To learn Biblical answers to your financial questions, you can #AskChuck @AskCrown your questions by clicking here. Questions used may be lightly edited for length or clarity.
I hear you talk about stewardship a lot and I’ve been trying to be more faithful with the way I manage all my resources. I want to be a steward and would really like to find a mentor to help me. What kind of characteristics should I look for in a mentor? How would I recognize myself as a steward?
Steward in Training
I talk a lot about stewardship and the practical steps it takes to live like one now but I wish I had known about it earlier in life and looked for a godly mentor to help me on my journey! I commend your questions and hope to answer them well.
Understanding True Stewardship
Stewardship is commonly misunderstood. It’s not just about getting out of debt or sticking to a budget. It’s much more than just writing a tithe check every month.
Andrew Murray summed it up this way: The world asks, “What does a man own?” Christ asks, “How does he use it?
Larry Burkett described it like this: When we surrender every area of our lives, including our finances, to God, then we are free to trust Him to meet our needs. But if we would rather hold tightly to those things that we possess, then we find ourselves in bondage to those very things.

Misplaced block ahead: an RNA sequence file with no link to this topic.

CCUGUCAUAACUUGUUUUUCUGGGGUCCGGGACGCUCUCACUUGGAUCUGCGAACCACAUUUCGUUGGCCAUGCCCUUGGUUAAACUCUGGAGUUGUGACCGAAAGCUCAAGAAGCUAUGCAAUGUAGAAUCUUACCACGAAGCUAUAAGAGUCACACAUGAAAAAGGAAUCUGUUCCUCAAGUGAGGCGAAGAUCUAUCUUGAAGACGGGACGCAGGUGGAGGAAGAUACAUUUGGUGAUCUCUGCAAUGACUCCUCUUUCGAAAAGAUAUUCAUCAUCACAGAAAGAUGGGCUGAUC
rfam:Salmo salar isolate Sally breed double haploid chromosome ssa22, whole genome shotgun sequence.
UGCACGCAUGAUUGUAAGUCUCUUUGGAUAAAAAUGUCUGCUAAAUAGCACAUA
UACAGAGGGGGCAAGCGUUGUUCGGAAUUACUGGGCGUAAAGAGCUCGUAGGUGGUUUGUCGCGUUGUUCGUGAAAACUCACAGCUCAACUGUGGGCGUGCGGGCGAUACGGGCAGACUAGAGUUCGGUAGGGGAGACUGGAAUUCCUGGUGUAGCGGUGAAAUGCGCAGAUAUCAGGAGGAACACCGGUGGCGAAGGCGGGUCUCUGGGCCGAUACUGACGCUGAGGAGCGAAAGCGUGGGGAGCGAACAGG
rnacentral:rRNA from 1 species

Jesus gave us important financial principles in The Parable of the Talents found in Matthew 25. In this parable, it is clear that we have the responsibility to manage His property. We’re not the owners of what we have, we’re simply temporary managers. And how seriously we take that responsibility will determine if we are faithful or unfaithful stewards.
Stewardship Doesn’t End Here
Few people truly understand how serious stewardship is. The rewards of good stewardship are eternal. As much as Christians desire to hear the words, “Well done, good and faithful servant,” I wonder how many know that those words are reserved for the faithful stewards!
Stewardship means we don’t consume all we have been given on ourselves, but have preserved some for others. Those who multiplied what was given to them were commended for their good work (see Matthew 25:14-30) because there were resources available to help and bless those who cannot work. The good stewards were willing and able to give to the hungry, thirsty, sick, prisoners, orphans, widows and aliens to show God’s love to the hurting.
Heaven will involve more stewardship responsibility! It won’t be a celestial vacation spent fishing over the edge of a cloud. It’s where the body of Christ will have the awesome privilege of serving the Creator, Owner, and Master of the Universe for all eternity. The faithful stewards on Earth will be put in charge of cities in Heaven where they will continue to work and serve as stewards of God Almighty.
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Source: Christian Post